The attacks have made the neighborhood’s biking community uneasy as efforts to involve law enforcement have been frustrating.

“It’s a lot bigger than I think any of us kind of imagined,” Mead said, “and it’s just really weird.”

After her attack, a friend of Mead’s reached out to the East Bay Bike Party and asked if it would share information about the incident on its social media pages to potentially track down witnesses.

“We posted that one story and almost immediately there was a flood of messages,” said Charlotte Hyrse, a Bike Party volunteer.

Multiple people reached out to say they had been targeted by what they believed was the same or a similar vehicle before and after the Feb. 10 event....

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Saturday, February 18, 2023

The smell of deregulation

Rob Rogers

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Thursday, February 16, 2023

Waiting to see all the JFK files

Is there anything significant in the JFK assassination files released last month?

When UVA Today put that question to Steve Gillon, a historian and fellow at the University of Virginia’s Miller Center of Public Affairs, he replied, "I think the documents that have not yet been released are probably very embarrassing to the CIA. It’s very clear that somebody dropped the ball.”

A newly-unredacted memo lends credence to Gillon’s comment, illuminating a story overlooked by major news organizations and unknown to most Americans interested in the assassination.

The 1977 memo, with redactions now removed, reveals for the first time the name of a CIA undercover officer who participated in a secret investigation into JFK’s assassination in 1963 that focused on the enemies of Fidel Castro in the United States.

The memo, written by Donald Heath, shows that while the White House and the FBI were assuring the public that a loner had killed the president, the CIA’s Miami station was actively pursuing suspicions that anti-Castro exiles might have been involved.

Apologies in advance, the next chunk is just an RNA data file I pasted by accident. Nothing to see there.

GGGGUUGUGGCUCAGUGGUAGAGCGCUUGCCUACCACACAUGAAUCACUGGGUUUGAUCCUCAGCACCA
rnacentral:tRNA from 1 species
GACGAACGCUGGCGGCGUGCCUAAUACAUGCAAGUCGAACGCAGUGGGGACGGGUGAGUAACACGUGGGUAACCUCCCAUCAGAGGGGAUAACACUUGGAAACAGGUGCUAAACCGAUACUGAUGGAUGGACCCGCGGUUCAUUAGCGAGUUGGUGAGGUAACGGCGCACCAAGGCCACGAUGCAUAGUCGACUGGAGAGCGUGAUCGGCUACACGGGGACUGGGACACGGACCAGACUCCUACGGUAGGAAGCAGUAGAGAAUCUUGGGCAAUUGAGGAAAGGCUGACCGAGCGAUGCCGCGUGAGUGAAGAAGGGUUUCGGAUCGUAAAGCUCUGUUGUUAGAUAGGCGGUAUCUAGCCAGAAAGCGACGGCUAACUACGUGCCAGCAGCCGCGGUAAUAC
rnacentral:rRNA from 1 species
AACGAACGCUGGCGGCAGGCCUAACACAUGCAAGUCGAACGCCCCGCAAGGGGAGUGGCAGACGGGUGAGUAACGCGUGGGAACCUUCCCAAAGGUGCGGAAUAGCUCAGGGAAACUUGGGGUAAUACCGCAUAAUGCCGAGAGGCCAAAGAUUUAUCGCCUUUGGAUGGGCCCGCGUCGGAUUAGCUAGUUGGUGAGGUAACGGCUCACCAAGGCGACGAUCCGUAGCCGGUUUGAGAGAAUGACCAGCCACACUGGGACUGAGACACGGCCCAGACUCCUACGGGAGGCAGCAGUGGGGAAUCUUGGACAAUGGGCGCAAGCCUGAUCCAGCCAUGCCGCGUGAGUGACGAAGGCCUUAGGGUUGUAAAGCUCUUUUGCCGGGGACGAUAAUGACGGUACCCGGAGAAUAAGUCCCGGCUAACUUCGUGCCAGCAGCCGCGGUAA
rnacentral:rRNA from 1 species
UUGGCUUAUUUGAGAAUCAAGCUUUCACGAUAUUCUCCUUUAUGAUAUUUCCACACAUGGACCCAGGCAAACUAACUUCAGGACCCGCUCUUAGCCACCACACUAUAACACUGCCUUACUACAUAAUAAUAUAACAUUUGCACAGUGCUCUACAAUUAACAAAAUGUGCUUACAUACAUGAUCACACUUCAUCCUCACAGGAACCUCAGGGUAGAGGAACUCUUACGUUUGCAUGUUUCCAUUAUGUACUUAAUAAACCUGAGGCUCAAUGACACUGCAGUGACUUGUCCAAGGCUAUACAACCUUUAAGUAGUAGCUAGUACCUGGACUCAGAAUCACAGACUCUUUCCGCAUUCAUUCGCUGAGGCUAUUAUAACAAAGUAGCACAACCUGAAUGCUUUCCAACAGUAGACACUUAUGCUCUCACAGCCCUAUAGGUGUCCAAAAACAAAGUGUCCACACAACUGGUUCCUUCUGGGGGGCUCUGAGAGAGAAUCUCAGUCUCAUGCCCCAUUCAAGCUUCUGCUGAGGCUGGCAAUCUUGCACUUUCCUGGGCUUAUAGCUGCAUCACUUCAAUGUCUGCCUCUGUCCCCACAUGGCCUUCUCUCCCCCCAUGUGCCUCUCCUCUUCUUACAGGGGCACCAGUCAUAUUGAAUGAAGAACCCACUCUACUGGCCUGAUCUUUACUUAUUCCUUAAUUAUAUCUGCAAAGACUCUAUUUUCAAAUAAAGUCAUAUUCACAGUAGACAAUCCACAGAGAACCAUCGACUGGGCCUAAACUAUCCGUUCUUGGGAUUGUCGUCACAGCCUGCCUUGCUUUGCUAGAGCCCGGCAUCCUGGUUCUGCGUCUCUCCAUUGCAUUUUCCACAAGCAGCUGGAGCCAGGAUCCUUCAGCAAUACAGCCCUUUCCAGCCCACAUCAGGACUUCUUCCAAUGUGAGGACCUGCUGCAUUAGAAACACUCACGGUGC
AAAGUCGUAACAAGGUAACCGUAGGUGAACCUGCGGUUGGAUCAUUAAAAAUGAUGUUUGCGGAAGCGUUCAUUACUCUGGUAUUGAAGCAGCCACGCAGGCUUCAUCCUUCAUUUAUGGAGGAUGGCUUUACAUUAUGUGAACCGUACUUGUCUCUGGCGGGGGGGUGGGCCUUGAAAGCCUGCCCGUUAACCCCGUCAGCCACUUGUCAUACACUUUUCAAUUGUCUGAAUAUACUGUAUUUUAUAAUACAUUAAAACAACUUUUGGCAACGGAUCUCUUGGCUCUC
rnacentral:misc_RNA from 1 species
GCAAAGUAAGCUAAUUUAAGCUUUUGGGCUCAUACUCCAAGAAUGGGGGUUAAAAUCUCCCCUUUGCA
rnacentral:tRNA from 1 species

The results of the investigation have never been disclosed, despite the 1992 JFK Records Act mandating release of all government records related to the murder of President Kennedy on November 22, 1963.

This story is only emerging despite determined CIA resistance (which now includes distributing factually false talking points to its favorite reporters in Washington). 

The 1977 memo was among the 7,000-plus JFK files declassified on December 15, per an order from President Biden last year. 

The CIA did not release another 4,000 redacted records related to the assassination. [emphasis added]

The 1992 law called for all of the government’s assassination-related files to be made public by 2017 “except in the rarest of cases.” 

Since the passing of statutory deadline five years ago, President Trump and Biden have both acquiesced to CIA demands for continuing JFK secrecy despite the clear intent of Congress.

The Heath memo sheds new light on an old question: Did the CIA “drop the ball” on Lee Harvey Oswald? Or did the CIA drop a veil of operational secrecy around what it knew about the accused assassin and anti-Castro exiles?

Rob's comment:
Apparently there are 4,000 "rarest of cases"!

Morley also refers to the Mary Ferrell Foundation.

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Saturday, February 11, 2023

The hidden horror

NY Times

In today's NY Times:

Re “Spy Cams Reveal Pork Industry Secrets,” by Nicholas Kristof (column, Feb. 5)

To the Editor:

Bravo to Nicholas Kristof for asking us to see and hear what we attempt to avoid, day in and day out: the true horror hidden in our bacon and ribs.

As I learn more about the extreme suffering of the animals that end up on our plates, I’m also becoming aware of the efforts taken to ensure that we, as consumers, remain ignorant of the animal abuse that underlies our relatively cheap meat.

Big Meat is the obvious villain here, but most of us go to some lengths to avoid knowing. We don’t want to know, and we look away. Thank you for asking us to wake up to this extreme and unnecessary suffering.



Friday, February 10, 2023

Killing pigs for food in China and the US

24 floors dedicated to breeding and raising pigs.
Photo: Gilles Sabrié for The New York Times

In today's NY Times:

The first sows arrived in late September at the hulking, 26-story high-rise towering above a rural village in central China. The female pigs were whisked away dozens at a time in industrial elevators to the higher floors where the hogs would reside from insemination to maturity.

This is pig farming in China, where agricultural land is scarce, food production is lagging and pork supply is a strategic imperative.

Inside the edifice, which resembles the monolithic housing blocks seen across China and stands as tall as the London tower that houses Big Ben, the pigs are monitored on high-definition cameras by uniformed technicians in a NASA-like command center. 

Each floor operates like a self-contained farm for the different stages of a young pig’s life: an area for pregnant pigs, a room for farrowing piglets, spots for nursing and space for fattening the hogs.